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Laughter and sorrow mingle in this Ozu film about a large family of five siblings and their aging father, a widower who resumes a relationship with a mistress from 20 years ago. Meanwhile, two of his unmarried daughters consider the future as both have suitors of their own, and the family business, a brewery, struggles to keep itself afloat and there's talk of a merger. Many things, as it happens, are coming to an end, not just the summer, of which we are reminded in scene after scene as characters fan themselves and each other. One senses also that the film records the end of traditional Japanese culture as it absorbs everything American - from western-style dress and English phrases, to Coca Cola, a sing-along to the tune of "My Darling Clementine," and a young woman who seems to have walked straight out of a Gidget movie and wants a mink stole. The sun-washed colors are reminiscent of 1950s Hollywood.

Ozu's recognizable theatrical style is evident everywhere, as characters arrange themselves in carefully posed compositions or move in and out of the frame (often glimpsed through doorways) while the camera remains stationary and low to the floor. Sequences of scenes are separated by exterior shots of trees or narrow streets - like still photographs. A row of barrels lies tilted against a wall, each at exactly the same angle, two open umbrellas filling a space between them. In one memorable scene, a grandfather and his young grandson play a game of hide-and-seek, calling back and forth to each other, while the grandfather secretly changes clothes to make an escape from the house. It's Ozu at his best, a gently told story about life's intermingling of endings and new beginnings.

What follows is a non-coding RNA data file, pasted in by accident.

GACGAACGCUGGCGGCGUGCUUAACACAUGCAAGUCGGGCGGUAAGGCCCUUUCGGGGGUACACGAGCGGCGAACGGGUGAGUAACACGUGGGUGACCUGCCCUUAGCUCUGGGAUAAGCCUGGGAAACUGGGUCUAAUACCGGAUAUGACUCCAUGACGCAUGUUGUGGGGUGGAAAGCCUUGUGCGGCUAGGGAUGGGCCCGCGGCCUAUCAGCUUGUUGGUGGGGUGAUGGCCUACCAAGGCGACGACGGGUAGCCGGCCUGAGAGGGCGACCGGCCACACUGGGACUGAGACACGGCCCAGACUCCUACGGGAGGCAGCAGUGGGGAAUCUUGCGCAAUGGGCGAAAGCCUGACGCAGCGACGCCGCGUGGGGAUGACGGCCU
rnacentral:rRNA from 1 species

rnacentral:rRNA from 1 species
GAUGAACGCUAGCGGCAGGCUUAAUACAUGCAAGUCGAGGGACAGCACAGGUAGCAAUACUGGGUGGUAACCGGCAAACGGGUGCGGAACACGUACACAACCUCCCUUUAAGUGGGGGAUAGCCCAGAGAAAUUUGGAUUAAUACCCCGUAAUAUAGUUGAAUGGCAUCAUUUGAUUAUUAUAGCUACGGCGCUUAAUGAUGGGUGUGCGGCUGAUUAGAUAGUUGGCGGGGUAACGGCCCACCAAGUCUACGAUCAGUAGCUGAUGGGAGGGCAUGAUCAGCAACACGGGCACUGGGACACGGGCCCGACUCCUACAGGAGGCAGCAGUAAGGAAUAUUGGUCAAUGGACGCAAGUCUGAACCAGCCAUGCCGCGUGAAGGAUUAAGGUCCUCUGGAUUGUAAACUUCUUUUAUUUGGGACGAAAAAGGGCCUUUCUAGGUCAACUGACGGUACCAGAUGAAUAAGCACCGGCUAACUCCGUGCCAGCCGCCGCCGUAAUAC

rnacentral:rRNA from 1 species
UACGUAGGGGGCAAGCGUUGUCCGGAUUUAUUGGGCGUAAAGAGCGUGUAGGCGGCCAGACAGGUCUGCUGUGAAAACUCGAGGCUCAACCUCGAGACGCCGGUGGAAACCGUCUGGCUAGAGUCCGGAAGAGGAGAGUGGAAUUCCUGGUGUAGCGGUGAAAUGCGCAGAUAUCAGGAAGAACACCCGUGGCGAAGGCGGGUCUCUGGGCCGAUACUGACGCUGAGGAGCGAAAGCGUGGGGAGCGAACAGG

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Now we have 5 more late ozu films to digest - and such a delicious meal it is... Yasijuro ozu's films are noted for their simplicity and their sensitivity to the family dynamic.. As a master of his craft ozu's films are deceptively packed with details and very methodic in their construction.. His pacing combined with character revelations often leave us feeling completely satisfied at the end of the picture as if he has taken us down to a meditative place and let us emerge back into our own worlds at the end of the picture.. But speaking of such things is useless.. you need to watch these family dramas for yourself to understand the kinds of feelings that will emerge inside of you..
Ozu was a technician perhaps more quiet than directors like hitchcock, lang, or even kurosawa and mizoguchi - but his movies speak volumes without the extra action and manipulations.. That is probably why so many people find his work refreshing..

This box set contains 5 movies that are among his most effective.. my particular favorite was 'the end of summer' which featured some of his actors from previous films including Ganjiro nakamura as the very childlike grandfather figure.. This movie for me is one of Ozu's best - also it utilizes color in a very striking way (for another fine example of ozu's color see floating weeds).. The other films are also in the same league.. equinox flower is another favorite of mine..

Criterion collections new eclipse series is truly a most welcome venue to discover older movies that you may not have seen.. There is also an excellent collection of early bergman movies now available - and a samuel fuller box is on the way.. It is well worth the price..